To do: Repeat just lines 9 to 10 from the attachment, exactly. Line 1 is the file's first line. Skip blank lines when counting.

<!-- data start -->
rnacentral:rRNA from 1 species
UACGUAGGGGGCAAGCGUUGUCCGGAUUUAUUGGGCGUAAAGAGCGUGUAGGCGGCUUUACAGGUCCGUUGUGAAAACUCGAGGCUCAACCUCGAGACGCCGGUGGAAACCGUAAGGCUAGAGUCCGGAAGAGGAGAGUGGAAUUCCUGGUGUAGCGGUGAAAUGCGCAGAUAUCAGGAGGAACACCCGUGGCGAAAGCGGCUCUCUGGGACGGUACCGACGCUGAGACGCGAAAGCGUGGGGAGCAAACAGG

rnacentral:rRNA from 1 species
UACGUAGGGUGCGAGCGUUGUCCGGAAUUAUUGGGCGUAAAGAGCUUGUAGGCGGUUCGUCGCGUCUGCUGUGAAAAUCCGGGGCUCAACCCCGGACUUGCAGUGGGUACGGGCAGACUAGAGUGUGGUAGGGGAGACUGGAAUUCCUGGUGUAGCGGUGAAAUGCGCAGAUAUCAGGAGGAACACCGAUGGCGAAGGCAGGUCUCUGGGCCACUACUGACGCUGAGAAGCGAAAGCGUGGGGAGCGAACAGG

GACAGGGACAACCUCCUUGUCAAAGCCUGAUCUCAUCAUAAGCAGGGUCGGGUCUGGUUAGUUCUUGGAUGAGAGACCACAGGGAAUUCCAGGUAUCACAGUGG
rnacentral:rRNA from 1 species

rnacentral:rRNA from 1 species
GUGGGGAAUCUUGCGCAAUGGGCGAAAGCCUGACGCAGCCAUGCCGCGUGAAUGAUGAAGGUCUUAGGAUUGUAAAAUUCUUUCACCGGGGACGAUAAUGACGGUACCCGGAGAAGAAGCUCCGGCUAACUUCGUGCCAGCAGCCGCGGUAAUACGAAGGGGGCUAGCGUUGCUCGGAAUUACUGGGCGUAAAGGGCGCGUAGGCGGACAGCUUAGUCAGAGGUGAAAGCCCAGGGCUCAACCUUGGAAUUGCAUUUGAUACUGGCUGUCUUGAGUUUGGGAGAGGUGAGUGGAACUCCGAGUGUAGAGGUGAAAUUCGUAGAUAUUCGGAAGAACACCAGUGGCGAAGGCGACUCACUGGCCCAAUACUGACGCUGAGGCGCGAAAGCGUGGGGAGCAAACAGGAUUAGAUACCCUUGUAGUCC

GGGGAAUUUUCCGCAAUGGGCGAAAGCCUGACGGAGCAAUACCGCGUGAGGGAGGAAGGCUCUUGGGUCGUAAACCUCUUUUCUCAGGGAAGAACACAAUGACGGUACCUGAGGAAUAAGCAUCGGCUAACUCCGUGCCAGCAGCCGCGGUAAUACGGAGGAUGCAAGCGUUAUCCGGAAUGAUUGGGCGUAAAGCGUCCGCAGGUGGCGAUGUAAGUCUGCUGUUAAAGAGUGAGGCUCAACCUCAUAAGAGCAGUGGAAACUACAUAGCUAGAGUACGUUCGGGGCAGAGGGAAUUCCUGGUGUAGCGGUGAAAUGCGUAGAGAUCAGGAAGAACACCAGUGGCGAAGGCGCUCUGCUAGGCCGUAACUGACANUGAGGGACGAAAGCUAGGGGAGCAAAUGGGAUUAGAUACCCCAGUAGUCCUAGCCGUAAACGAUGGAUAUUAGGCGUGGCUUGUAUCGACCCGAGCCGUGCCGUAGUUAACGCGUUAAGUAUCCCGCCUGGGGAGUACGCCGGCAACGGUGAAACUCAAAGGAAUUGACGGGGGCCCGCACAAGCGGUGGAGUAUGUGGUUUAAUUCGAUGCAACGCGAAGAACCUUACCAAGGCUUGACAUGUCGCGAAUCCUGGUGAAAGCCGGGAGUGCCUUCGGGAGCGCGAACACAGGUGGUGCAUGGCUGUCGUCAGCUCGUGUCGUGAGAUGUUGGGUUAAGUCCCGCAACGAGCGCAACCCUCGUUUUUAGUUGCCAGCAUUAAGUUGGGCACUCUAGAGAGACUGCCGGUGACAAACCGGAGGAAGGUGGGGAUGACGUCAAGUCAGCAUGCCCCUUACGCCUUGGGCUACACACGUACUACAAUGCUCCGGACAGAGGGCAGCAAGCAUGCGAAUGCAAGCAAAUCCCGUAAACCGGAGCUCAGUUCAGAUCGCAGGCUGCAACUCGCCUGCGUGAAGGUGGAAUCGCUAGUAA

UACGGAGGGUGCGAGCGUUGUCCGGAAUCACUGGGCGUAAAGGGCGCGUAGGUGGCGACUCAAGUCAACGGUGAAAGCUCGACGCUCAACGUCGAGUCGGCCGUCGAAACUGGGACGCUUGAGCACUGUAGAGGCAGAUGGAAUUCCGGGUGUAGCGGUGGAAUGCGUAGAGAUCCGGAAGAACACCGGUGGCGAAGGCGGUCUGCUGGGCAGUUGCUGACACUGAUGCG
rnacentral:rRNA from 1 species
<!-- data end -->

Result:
GGGGAAUUUUCCGCAAUGGGCGAAAGCCUGACGGAGCAAUACCGCGUGAGGGAGGAAGGCUCUUGGGUCGUAAACCUCUUUUCUCAGGGAAGAACACAAUGACGGUACCUGAGGAAUAAGCAUCGGCUAACUCCGUGCCAGCAGCCGCGGUAAUACGGAGGAUGCAAGCGUUAUCCGGAAUGAUUGGGCGUAAAGCGUCCGCAGGUGGCGAUGUAAGUCUGCUGUUAAAGAGUGAGGCUCAACCUCAUAAGAGCAGUGGAAACUACAUAGCUAGAGUACGUUCGGGGCAGAGGGAAUUCCUGGUGUAGCGGUGAAAUGCGUAGAGAUCAGGAAGAACACCAGUGGCGAAGGCGCUCUGCUAGGCCGUAACUGACANUGAGGGACGAAAGCUAGGGGAGCAAAUGGGAUUAGAUACCCCAGUAGUCCUAGCCGUAAACGAUGGAUAUUAGGCGUGGCUUGUAUCGACCCGAGCCGUGCCGUAGUUAACGCGUUAAGUAUCCCGCCUGGGGAGUACGCCGGCAACGGUGAAACUCAAAGGAAUUGACGGGGGCCCGCACAAGCGGUGGAGUAUGUGGUUUAAUUCGAUGCAACGCGAAGAACCUUACCAAGGCUUGACAUGUCGCGAAUCCUGGUGAAAGCCGGGAGUGCCUUCGGGAGCGCGAACACAGGUGGUGCAUGGCUGUCGUCAGCUCGUGUCGUGAGAUGUUGGGUUAAGUCCCGCAACGAGCGCAACCCUCGUUUUUAGUUGCCAGCAUUAAGUUGGGCACUCUAGAGAGACUGCCGGUGACAAACCGGAGGAAGGUGGGGAUGACGUCAAGUCAGCAUGCCCCUUACGCCUUGGGCUACACACGUACUACAAUGCUCCGGACAGAGGGCAGCAAGCAUGCGAAUGCAAGCAAAUCCCGUAAACCGGAGCUCAGUUCAGAUCGCAGGCUGCAACUCGCCUGCGUGAAGGUGGAAUCGCUAGUAA

UACGGAGGGUGCGAGCGUUGUCCGGAAUCACUGGGCGUAAAGGGCGCGUAGGUGGCGACUCAAGUCAACGGUGAAAGCUCGACGCUCAACGUCGAGUCGGCCGUCGAAACUGGGACGCUUGAGCACUGUAGAGGCAGAUGGAAUUCCGGGUGUAGCGGUGGAAUGCGUAGAGAUCCGGAAGAACACCGGUGGCGAAGGCGGUCUGCUGGGCAGUUGCUGACACUGAUGCG